One is not allowed to eat in a restroom. Does this apply to actually putting food into one's mouth or merely having food in one's mouth? If I am chewing gum and want to go to the bathroom, is it necessary to spit out the gum first?


2 Answers 2


May one chew gum on a fast day?

The authorities debate the question of whether chewing constitutes “eating” in the Halachic sense. Hacham Ovadia Hedaya (1890-1969), in his work Yaskil Abdi, rules that chewing gum is not considered “eating,” and thus one does not recite a Beracha before he chews gum. Hacham Ovadia Yosef, however, in his work Yabia Omer (vol. 7, Orah Haim 33), disagrees, and rules that if one chews gum coated with sugar or other sweetening agent, he must recite the Beracha of She’hakol. By the same token, it would be forbidden to chew sweet chewing gum on a fast day. One may, however, chew a substance that has no flavor, such as wax used by people wearing braces, as this certainly does not constitute “eating.”


According to the of the Yaskil Abdi where you do not make a Bracha on chewing gum as it is not considered eating then you would be allowed to chew gum in the bathroom.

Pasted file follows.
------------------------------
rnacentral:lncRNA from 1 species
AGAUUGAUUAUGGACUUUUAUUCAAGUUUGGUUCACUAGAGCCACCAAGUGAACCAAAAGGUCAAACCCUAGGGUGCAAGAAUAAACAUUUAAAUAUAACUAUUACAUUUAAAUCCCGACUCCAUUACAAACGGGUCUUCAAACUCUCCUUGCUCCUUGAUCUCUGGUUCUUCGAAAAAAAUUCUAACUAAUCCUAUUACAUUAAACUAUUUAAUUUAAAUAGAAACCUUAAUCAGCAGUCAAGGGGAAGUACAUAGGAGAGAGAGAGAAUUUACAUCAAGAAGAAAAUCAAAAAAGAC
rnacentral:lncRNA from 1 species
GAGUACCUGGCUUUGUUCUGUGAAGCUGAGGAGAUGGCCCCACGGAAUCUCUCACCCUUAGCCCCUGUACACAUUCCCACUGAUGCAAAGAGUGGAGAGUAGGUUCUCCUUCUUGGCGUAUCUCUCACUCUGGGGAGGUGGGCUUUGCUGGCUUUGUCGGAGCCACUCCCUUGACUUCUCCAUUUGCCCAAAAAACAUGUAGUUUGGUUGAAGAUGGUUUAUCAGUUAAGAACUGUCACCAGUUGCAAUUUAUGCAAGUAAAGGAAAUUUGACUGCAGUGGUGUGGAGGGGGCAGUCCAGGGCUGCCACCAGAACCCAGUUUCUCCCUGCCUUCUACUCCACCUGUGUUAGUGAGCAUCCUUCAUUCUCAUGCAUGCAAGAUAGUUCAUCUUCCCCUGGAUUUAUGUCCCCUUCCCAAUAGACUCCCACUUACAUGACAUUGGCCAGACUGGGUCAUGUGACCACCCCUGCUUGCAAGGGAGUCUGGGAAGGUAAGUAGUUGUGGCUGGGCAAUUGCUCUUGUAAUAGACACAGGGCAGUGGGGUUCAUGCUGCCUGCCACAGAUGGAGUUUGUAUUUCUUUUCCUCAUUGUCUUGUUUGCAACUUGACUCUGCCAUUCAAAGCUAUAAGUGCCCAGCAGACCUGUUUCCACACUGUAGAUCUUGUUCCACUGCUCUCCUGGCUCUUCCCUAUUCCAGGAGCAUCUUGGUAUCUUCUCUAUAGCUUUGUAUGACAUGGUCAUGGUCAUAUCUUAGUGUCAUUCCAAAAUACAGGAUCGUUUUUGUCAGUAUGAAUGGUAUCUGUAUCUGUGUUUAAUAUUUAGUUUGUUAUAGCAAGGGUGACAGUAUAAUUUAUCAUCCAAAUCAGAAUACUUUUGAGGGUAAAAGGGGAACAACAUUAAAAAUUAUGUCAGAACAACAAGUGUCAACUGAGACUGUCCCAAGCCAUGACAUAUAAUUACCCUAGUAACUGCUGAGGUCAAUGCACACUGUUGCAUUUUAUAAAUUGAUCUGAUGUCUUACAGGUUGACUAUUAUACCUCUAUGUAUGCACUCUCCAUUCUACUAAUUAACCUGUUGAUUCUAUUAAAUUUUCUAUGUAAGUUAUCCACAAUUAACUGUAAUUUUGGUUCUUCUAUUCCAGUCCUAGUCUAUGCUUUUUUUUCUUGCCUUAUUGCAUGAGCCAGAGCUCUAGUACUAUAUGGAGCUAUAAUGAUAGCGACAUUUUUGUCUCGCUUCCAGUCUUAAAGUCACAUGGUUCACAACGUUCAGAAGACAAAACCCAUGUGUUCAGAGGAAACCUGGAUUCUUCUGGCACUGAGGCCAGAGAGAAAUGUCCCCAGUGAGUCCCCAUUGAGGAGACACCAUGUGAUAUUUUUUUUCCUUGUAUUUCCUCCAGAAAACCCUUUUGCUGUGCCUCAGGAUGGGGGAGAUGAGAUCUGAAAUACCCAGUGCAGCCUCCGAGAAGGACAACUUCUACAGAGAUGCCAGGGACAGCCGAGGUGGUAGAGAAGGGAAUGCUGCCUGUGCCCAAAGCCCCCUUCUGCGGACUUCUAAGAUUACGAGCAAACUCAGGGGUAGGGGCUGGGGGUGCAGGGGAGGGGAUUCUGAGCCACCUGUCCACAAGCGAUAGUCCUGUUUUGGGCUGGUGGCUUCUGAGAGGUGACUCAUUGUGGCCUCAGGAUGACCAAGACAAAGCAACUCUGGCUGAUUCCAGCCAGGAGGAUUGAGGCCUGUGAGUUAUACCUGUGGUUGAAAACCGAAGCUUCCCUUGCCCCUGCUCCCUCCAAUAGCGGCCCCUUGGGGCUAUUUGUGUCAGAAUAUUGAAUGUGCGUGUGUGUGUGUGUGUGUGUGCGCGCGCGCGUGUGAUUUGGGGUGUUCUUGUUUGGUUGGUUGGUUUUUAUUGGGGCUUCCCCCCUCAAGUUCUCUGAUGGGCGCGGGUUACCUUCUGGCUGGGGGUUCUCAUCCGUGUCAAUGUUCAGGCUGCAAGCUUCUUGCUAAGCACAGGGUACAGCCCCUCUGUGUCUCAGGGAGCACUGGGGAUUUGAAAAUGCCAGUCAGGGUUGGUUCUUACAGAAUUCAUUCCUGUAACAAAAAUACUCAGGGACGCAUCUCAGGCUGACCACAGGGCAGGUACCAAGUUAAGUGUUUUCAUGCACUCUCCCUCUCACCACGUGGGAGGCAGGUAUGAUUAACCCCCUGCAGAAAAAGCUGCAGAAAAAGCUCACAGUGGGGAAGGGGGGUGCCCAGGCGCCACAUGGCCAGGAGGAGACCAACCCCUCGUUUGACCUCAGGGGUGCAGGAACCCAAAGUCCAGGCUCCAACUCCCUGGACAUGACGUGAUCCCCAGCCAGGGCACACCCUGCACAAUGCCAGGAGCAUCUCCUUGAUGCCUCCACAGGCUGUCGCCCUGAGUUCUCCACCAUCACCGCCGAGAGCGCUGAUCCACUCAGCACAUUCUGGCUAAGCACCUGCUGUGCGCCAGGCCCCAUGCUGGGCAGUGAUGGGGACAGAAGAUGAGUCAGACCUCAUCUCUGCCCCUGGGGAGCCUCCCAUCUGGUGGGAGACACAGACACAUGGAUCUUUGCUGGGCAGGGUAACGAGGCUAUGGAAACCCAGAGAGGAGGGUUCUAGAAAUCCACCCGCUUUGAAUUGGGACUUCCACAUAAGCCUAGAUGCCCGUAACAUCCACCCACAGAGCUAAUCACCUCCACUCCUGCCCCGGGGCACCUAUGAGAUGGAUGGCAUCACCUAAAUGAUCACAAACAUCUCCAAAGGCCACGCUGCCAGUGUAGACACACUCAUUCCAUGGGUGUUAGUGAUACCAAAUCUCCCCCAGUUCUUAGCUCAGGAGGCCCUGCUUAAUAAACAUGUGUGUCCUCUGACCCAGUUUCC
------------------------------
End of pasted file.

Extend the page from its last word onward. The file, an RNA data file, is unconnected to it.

• 3
    I think you still have to demonstrate why you think the parameters of what constitutes eating should be the same for making a beracha and going into the bathroom.
    – Isaac Moses
    Commented Apr 10, 2011 at 6:47
  • I agree with @IsaacMoses, this answer does not seem very relevant.
    – Izzy
    Commented Jul 18, 2021 at 14:39

See DinOnline's response to this question here where Harav Zeev Litka responds to this question based on a Minchas Yitzchok, Mishna Berura and Chazon Ish

The Minchas Chinuch 3:63 writes that one should avoid bringing any type of food into the bathroom, even when clean, whenever possible.

As long as the gum still has a flavor it would be considered food.


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